In this article, we will share Arthur Guinness biography (an Irish brewer), the history of Guinness beer and brewery. Enjoy reading the story about a great company, great people, and delicious Guinness beer!
Guinness beer is the pride of Ireland. Born about three hundred years ago, it has sunk into the hearts of local citizens, becoming one of their favorite drinks. The history of the Guinness brand is also the story of one of the most famous books in the world. Yes, the famous Guinness World Records book is directly related to the beer brand and we are going to tell you about it.
The Beginning of Guinness History
A history of Guinness began in a small Irish village Celbridge, which was the home of Arthur Price, the Church of Ireland Archbishop of Cashel with sufficient security. Arthur was one of those people who did not want to burden himself with a daily routine, and therefore he had hired Arthur Guinness (1724 or 1725 – January 23, 1803), a manager for all the cases. As time passed, a very real friendship ensued between them to the point that Price baptized Arthur’s son Arthur Guinness II, born on March 12, 1768, who helped his father since childhood on the farm of the generous employer.
In his spare time, Arthur Guinness brewed real ale. Dr. Price had a benefit of all necessary equipment at his basement for this. In 1752, Arthur Price died. It was such a tragic event, but it marked the beginning of the Guinness brewing company’s story. The thing is that Arthur Price left a legacy of 100 pounds to both of them: Arthur Guinness and his son (at the time it was quite a large sum of money).
The first venture of Arthur Guinness was a small factory for ale brewing, which he rented in Leixlip, a town in north-east County Kildare, Ireland. Arthur asked Richard, his younger brother, to help him to conduct the business. And business has gone so well that three years later, Arthur decided to move to Dublin to open a brewery. In 1759, in the southwest of the city, he found an old dilapidated brewery, named St. James’s Gate Brewery, which he agreed to lease for just £45 a year for almost endless time – 9,000 years. 34-year-old Guinness did not miss this opportunity and rented the factory. Of course, he had to make tremendous efforts to bring it to order. But the game was worth the candle.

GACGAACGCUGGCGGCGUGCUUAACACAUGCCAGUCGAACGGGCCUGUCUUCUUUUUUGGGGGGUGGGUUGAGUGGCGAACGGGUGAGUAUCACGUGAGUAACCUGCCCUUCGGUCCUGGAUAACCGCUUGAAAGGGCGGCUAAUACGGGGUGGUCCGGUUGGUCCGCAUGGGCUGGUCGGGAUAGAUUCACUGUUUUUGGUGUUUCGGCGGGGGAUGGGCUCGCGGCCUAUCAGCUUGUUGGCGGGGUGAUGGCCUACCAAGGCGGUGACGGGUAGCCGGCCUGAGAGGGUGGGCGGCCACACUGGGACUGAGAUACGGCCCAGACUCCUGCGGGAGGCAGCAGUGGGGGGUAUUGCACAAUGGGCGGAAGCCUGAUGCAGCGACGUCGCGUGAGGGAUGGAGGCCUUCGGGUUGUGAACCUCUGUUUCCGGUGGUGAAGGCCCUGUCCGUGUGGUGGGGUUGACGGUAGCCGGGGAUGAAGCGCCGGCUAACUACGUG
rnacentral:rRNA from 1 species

In 1761, Arthur Guinness married Olivia Whitmore in St. Mary’s Church in Dublin. They had 21 children, and 10 of them lived to adulthood.
Since 1764 the family lived at Beaumont House, which Arthur had built on a farm of 51 acres. Now it’s the estate of Beaumont Convalescent Home, behind the main part of Beaumont Hospital, between Raheny and Santry in north County Dublin.
However, all this time, Arthur continued to produce the same ale. Arthur Guinness started producing the dark beer only in 1799. The production of the dark beer with creamy foam originated in 1799 that further made the company one of the symbols of Ireland. Four years later, after this momentous event, at the age of 78, Arthur Guinness died. As a legacy to their children, businessman left £25,000, which by today’s standards would amount to about £865,000.